Electrical Engineering and Computer Engineering
Chairperson: V.A. Labay
Professors: G. Allwine (Emeritus), R. Birgenheier (Emeritus), G. Braileanu, C. Tavora
Associate Professors: V.A. Labay, S. Schennum
Assistant Professor: Y. Ji
Lecturer: D. Tran, S.J.
The purpose of the electrical engineering (EE) and computer engineering (CpE) programs is to develop knowledgeable and competent engineering professionals who exemplify the humanistic, Catholic, and Jesuit tradition of education, and who are committed to social justice, service to others, life-long learning, ethical and moral responsibility, and concern for the environment. The integration of the Gonzaga University core curriculum as an essential part of the EE and CpE curricula gives the programs their distinct and desirable characteristics.
The University core curriculum includes a structured program in theology, philosophy, thought and expression, written and oral communication skills, and English literature. Roughly half of the credits in either the EE or the CpE program are devoted to engineering topics and design. Both programs include four technical electives to allow students to pursue specialization in one or more areas of electrical engineering and/or computer engineering. During their final year, students complete a design project, which involves both technical and non-technical aspects of an engineering problem, under faculty supervision. The senior design project culminates in a comprehensive written report and an oral presentation.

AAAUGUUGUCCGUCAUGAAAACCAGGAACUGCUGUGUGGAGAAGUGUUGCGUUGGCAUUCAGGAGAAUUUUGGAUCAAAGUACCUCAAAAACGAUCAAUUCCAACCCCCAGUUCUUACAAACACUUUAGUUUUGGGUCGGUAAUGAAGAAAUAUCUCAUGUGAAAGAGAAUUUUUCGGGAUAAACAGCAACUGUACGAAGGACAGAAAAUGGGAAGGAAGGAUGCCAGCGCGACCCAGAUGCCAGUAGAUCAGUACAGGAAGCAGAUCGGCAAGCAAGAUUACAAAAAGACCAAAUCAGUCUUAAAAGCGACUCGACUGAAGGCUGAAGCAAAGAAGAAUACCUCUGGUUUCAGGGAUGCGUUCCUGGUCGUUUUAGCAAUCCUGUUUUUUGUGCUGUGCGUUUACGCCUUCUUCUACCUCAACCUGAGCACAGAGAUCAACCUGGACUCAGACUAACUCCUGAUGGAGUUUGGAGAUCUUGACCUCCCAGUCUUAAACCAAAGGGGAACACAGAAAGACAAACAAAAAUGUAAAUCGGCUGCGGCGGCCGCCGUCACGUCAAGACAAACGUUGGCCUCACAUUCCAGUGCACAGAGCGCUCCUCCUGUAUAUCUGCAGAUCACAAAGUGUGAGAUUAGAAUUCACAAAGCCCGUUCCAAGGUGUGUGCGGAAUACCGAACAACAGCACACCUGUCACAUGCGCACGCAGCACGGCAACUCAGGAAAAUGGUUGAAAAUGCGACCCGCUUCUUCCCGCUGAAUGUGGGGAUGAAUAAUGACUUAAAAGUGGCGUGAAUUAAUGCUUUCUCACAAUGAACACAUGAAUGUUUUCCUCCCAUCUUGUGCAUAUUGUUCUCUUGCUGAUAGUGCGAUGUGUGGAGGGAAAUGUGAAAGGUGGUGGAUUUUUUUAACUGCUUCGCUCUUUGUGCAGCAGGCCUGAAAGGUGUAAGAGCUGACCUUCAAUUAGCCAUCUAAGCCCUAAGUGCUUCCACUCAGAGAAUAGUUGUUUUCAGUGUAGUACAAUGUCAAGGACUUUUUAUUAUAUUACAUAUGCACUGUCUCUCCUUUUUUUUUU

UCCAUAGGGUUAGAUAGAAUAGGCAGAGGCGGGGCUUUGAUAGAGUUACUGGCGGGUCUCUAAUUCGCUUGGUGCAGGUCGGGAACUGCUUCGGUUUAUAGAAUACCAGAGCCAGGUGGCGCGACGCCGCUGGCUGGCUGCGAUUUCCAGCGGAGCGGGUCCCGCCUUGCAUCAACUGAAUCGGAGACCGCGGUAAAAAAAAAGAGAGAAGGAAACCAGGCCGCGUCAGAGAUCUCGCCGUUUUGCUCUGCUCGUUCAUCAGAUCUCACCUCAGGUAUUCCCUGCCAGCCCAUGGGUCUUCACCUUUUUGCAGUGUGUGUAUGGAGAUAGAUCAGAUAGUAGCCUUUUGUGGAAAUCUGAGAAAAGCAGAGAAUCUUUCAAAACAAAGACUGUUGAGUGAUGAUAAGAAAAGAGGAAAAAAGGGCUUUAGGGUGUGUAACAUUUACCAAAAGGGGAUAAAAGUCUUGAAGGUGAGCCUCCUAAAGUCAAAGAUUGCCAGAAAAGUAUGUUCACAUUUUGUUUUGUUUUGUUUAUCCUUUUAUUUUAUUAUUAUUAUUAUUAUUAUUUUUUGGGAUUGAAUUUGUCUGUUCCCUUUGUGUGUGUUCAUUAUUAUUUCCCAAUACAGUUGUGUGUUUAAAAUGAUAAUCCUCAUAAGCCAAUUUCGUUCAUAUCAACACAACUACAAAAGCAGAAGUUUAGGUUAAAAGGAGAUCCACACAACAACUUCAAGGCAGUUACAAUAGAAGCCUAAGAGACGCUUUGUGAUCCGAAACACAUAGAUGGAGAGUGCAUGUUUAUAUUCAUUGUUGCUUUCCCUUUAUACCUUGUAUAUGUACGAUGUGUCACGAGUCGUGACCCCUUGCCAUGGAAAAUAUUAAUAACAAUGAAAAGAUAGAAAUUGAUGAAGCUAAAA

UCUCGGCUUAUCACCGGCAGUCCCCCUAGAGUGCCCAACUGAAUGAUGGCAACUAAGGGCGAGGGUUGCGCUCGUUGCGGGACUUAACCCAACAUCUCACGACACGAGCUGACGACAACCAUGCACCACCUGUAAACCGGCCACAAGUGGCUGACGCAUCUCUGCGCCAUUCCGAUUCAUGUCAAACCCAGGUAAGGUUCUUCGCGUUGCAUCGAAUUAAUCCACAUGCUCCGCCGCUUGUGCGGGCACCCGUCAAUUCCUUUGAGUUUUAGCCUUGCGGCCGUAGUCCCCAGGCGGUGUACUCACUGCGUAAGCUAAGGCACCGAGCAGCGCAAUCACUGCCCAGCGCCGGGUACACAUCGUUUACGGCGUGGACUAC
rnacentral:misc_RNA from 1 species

Graduates of our EE and CpE programs are well prepared to embark on careers in electrical engineering or computer engineering, or to further their education at graduate schools of their choice. Our graduates find employment with a broad segment of industry, as well as with governmental agencies. Employment opportunities include the design of electronic products, design of electrical systems, development of computer, hardware, software/firmware, computer applications, research and development, engineering consulting, electrical utilities, manufacturing, marketing, operations and maintenance, administration, and teaching. Moreover, electrical and computer engineers traditionally engage in interdisciplinary fields, such as aerospace engineering, national defense systems, global communication systems, biomedical engineering, instrumentation, transportation systems, energy conversion, robotics, and industrial automation. Many of our graduates have distinguished themselves at some of the best graduate schools in the USA. Moreover, a substantial number of our graduates have achieved high positions in academia, business, and government.